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SBCA Outstanding Dissertation Award

Award Recipients


Gabriel Englander

Dr. Englander’s dissertation, "Empirical Essays on Natural Resource Exploitation (University of California, Berkeley, Department of Agricultural and Resource Economics, 2021) examines ways conservation policies can lead to unintended consequences yet also be made to work in challenging circumstances. His methods and findings have important implications for a broad range of regulatory activities and the benefit-cost analyses that inform them. In the first of three essays, Dr. Englander examines Information and Spillovers from Targeting Policy in Peru’s Anchoveta Fishery. Using extensive data and causal econometric methods, he finds that efforts to reduce an important externality in the world’s largest fishery actually makes things worse by telegraphing fish-location information to the fishing boats. His second essay, Property Rights and the Protection of Global Marine Resources (published in Nature Sustainability 2019) finds that the primary institution for governing global marine resource exploitation actually protects fisheries from unauthorized fishing despite substantial enforcement challenges. Finally, this third essay, Armed Conflict Increases Elephant Poaching, documents that the onset of a new conflict near elephant populations significantly increases contemporaneous elephant poaching levels by 12-22 percent.

Law and Economics | News | Law School | Vanderbilt University


Clayton J. Masterman

Dr. Masterman's dissertation, "An Empirical Analysis of Policy Responses to the Opioid Epidemic," (Vanderbilt University,  2019) comprises three essays on opioid addiction and public policies dealing with opioid abuse. The first essay covers the effects of naloxone access laws, showing how a set of policies generates large net benefits. The second essay estimates the effectiveness of Food and Drug Administration boxed warnings on abuse of extended-release prescription opioids. The third essay provides evidence that opioid abuse has increased workplace injuries, a surprising finding with policy implications. The dissertation displays policy evaluation and benefit-cost analysis at its best.  

About the Award

The Society for Benefit-Cost Analysis [SBCA] has established an annual award for the best Ph.D. thesis dealing with the theory and/or practice of benefit-cost analysis. The award is intended to recognize outstanding work by promising new researchers in the field. It is accompanied by a $1,000 cash prize and the winner will be recognized at the SBCA annual meeting. In addition, recipients will be encouraged to submit a paper based on their dissertation to the Journal of Benefit-Cost Analysis. The paper will undergo the standard journal peer-review process.

The range of topics for candidate dissertations is very broad. Essentially, we are looking for dissertations that would interest the Society's members. The specific methods include, but are not limited to:

  • Benefit-cost analysis
  • Cost-effectiveness analysis
  • Cost analysis
  • Regulatory impact analysis
  • Risk-benefit analysis
  • Applied welfare economic analysis
  • Damage assessments
In addition, we are looking for work in topical areas that would inform benefit-cost analyses, including analyses of topics in areas such as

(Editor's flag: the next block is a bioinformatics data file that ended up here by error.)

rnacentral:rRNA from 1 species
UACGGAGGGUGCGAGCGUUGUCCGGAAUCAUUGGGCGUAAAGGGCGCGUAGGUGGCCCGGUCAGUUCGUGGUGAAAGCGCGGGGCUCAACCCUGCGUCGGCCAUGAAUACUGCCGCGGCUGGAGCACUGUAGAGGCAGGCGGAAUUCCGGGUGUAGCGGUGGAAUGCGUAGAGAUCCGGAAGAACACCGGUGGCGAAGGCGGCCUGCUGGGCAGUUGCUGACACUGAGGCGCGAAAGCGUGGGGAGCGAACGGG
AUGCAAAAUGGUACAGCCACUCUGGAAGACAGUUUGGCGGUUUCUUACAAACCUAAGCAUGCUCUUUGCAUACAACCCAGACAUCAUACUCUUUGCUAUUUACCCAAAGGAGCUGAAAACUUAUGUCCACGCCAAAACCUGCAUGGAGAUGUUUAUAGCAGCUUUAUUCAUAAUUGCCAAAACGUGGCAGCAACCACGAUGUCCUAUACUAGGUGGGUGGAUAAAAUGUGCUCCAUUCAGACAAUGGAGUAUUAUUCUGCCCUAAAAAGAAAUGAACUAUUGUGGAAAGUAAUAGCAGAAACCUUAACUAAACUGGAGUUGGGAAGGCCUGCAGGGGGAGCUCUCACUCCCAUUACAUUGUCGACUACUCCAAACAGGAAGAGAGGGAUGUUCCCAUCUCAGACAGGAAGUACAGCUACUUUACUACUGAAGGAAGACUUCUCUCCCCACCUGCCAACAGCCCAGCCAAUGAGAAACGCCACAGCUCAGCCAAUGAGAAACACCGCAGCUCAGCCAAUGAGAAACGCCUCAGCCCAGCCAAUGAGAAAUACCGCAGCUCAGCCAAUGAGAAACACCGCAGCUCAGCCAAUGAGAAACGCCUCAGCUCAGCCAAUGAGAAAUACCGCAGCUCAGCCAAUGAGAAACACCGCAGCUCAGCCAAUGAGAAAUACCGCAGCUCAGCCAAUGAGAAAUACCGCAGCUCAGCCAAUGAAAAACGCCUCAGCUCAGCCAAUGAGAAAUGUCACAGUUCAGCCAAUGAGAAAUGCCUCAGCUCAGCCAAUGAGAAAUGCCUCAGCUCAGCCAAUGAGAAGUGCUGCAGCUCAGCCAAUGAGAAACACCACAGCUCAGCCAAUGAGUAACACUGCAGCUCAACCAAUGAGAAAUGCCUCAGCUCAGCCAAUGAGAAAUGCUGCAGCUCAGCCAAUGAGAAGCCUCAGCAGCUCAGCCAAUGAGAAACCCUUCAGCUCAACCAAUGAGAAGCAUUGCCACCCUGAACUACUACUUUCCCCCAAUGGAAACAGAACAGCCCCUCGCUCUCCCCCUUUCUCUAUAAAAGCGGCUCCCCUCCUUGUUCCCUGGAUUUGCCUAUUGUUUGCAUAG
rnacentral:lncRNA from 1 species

• Civil and criminal justice
  • Climate change
  • Education and training
  • Energy, natural resources, and environment
  • Finance and financial markets
  • Food and agriculture
  • Health, health insurance, and health care
  • International trade and development
  • Safety and security
  • Social welfare programs
  • Taxation and government revenue generation
  • Transportation and infrastructure
  • Workforce and workplace.

The dissertation may be primarily focused on the theory and/or application of benefit-cost analysis, or it may be contained in a portion of the work (e.g., a subset of the chapters of the dissertation or one paper of a multi-paper dissertation).

Submissions will be reviewed by a Selection Committee appointed by the SBCA Board of Directors. Submissions will be evaluated based on the quality of the methodological work (theoretical or empirical), the contributions to the field, the quality of the exposition, and the relevance for policy.


A dissertation will be eligible if it was successfully defended between October 1, 2020 and September 30, 2021 and has not previously been considered for the award. Eligible dissertations must have been accepted by an accredited institution of higher education in any country in fulfillment of a doctoral degree. The degree field is not limited to economics. Dissertations must be written in English.

Instructions for Submission

To apply, submit the following package of materials by email with the subject line: Attention: SBCA Dissertation Award Committee to

  • A statement indicating the applicants name; the date, degree, and institution of the defended dissertation; and a url from which a pdf of the dissertation submission can be downloaded.
  • A 1,000-word statement from the applicant identifying the relevant portion(s) of the dissertation that should be considered for the award and the applicability of the work given the criteria noted above.
  • A signed nomination letter from the dissertation committee chair or another committee member explaining the dissertations originality and contribution to the field (pdf file preferred).
  • The applicants CV (pdf file preferred).

Submissions are due on October 30, 2021, by 5:00 pm Eastern United States time. Applicants will receive an acknowledgment that their submission was received and will be notified of the outcome by early December.


If you have any questions, please contact the Society for Benefit-Cost Analysis at